Budget Windfall Benefits Police and Garden


The South Laguna Community Garden Park and the Laguna Beach police department both scored victories in claiming newly available revenue in the city’s coffers this week.

Runner ups in a budget workshop Tuesday included marine protection, fuel modification, traffic control and emergency radio service. The City Council will hold a second public hearing at a June 17 meeting before adopting the changes in the $51.8 million budget that begins July 1, roughly 2.5 percent higher than the originally approved budget of $50.5 million.

Better-than-expected growth in property taxes, hotel bed taxes and building and planning fees this year led city staff to bump up budgeted revenue estimates for the 2014-15 fiscal year. The city’s general fund, capital improvement fund and parking fund each received a cash infusion of $1.2 million, $130,000 and $436,000 respectively, according to the staff report, leaving an extra $1.8 million surplus.

Out of the city’s three major revenue sources, the first two being property and hotel taxes, only the third, sales tax, failed to exceed expectations, coming in at half its projected growth, the report said

The Council agreed with little debate to staff proposals to spend the first $1.4 million of the windfall, including $1 million towards the city’s unfunded pension fund liability and $200,000 for restoration of the burn dump behind the Sun Valley neighborhood that was uncovered during the 2010 flood.

Of the remaining $390,000 available, City Manager John Pietig outlined a prepared wish list with $2.2 million worth of requests for a piece of that, along with late-arriving pleas, such as the parking traffic and circulation committee’s request for $40,000 to add more traffic control at key intersections downtown from April to Labor Day.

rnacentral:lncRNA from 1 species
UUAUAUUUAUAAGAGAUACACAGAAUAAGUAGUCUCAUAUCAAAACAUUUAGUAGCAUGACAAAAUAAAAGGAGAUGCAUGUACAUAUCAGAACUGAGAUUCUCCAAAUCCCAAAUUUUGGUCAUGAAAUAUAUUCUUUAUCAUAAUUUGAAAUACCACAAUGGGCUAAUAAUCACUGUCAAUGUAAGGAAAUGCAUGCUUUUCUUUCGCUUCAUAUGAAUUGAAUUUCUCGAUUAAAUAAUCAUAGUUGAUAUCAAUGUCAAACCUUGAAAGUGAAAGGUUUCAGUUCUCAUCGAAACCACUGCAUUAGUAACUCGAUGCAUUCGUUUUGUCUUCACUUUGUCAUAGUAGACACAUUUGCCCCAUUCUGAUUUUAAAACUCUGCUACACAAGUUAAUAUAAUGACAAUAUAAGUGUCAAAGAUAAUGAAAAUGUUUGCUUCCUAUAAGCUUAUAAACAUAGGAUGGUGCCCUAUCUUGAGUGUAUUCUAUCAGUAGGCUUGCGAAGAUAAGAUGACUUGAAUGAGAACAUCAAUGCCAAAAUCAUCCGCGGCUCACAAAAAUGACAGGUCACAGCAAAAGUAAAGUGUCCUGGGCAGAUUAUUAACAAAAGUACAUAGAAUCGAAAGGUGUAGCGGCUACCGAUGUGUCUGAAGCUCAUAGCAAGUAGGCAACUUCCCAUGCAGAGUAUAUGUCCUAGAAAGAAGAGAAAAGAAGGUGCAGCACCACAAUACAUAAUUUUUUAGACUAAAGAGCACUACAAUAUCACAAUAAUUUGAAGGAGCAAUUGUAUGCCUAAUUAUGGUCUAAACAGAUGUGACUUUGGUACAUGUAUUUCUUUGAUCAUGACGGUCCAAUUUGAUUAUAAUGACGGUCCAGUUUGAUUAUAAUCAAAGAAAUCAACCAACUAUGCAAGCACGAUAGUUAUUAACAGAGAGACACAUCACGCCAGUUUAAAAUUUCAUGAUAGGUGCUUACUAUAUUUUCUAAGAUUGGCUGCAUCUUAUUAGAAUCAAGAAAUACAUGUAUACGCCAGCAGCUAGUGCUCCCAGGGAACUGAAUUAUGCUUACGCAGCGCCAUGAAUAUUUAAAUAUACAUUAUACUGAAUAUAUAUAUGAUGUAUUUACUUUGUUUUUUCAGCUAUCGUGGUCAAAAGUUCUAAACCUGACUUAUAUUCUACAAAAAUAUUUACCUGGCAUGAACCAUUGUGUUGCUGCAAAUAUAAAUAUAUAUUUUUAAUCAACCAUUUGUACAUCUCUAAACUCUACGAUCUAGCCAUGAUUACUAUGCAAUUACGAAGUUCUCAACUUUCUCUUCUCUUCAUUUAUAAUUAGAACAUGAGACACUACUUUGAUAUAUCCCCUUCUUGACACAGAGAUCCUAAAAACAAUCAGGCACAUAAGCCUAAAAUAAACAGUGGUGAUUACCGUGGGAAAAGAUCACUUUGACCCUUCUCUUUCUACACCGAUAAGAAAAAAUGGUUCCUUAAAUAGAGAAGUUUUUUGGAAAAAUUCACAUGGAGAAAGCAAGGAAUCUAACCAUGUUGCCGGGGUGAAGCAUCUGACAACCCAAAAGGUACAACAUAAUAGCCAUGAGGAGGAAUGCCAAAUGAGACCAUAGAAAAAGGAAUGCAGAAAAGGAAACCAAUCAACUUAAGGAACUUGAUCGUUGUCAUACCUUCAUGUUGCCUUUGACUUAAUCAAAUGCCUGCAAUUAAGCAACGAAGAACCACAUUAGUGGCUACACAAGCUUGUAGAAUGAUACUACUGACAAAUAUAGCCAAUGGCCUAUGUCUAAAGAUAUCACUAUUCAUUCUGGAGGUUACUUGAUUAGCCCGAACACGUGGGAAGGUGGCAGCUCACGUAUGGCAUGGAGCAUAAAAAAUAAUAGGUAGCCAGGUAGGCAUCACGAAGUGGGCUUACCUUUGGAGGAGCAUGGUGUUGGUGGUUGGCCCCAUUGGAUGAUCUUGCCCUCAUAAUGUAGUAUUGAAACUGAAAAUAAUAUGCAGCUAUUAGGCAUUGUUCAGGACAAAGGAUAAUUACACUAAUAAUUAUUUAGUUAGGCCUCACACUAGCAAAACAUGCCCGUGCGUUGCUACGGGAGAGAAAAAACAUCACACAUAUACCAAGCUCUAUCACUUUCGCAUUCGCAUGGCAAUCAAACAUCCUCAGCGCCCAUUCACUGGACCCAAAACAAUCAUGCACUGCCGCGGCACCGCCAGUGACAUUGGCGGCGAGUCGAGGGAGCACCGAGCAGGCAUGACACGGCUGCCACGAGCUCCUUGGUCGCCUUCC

Twenty-nine residents then came forward with additional claims.

Ultimately, the Council agreed to three police department additions: an additional sworn officer, $15,000 towards helicopter surveillance of the canyon for illegal campsites and campfires, and a police K-9 officer.

Cheryl Kinsman promised that the Woman’s Club of Laguna Beach would raise the $20,000 for the purchase and initial training of the dog, with an additional commitment to raise another $20,000 for a replacement dog when the first retired after seven or eight years. Carol Kahn, a Girl Scout leader, promised their support in fundraising for the K-9 program.

The Council also pledged $250,000 towards the South Laguna garden, funds that accrued in the city’s park in lieu fund as a result of a land sale. Outlining the myriad ways in which the verdant terraced corner has become an open-air community center for al fresco lunches, workshops and potlucks with live music, ten supporters asked for help raising $1 million to buy it.

Their stories hit home. Mayor Pro Tem Bob Whalen said that he had opposed funding the garden last year because he thought it was too insular. But they have since done a great job of broadening their scope, he said. Council member Steve Dicterow, too, said his initial reservations gave way as they became “a true community park.” The Council agreed to earmark $250,000 for the garden, to be paid if supporters raise the rest of the funds required to purchase the property within three years.

A number of safety measures also scored. Laguna’s non-profit FM radio station KX 93.5 received $18,000 to pay for equipment that will allow them to stay on air during a power outage, allowing emergency broadcasting service linked to city hall and 911 operators in the event of a disaster. And the Council allotted $15,000 to the emergency disaster preparedness committee to cover readiness packets for first responders and improvements to the city’s emergency operating center. And the PTC received their traffic control funding.

The Council also honored a last minute plea from Ginger Wallace to restore to full-time status the city’s marine protection officer, a post created in 2004. “We have an excellent marine protection officer and we don’t want to lose him” by asking him to fulfill rigorous duties in limited time, she argued. The Council agreed.




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  1. Did anyone think about giving the “windfall” back to the residents? By cutting taxes (e.g., reducing upcoming parking stickers renewal fees.)


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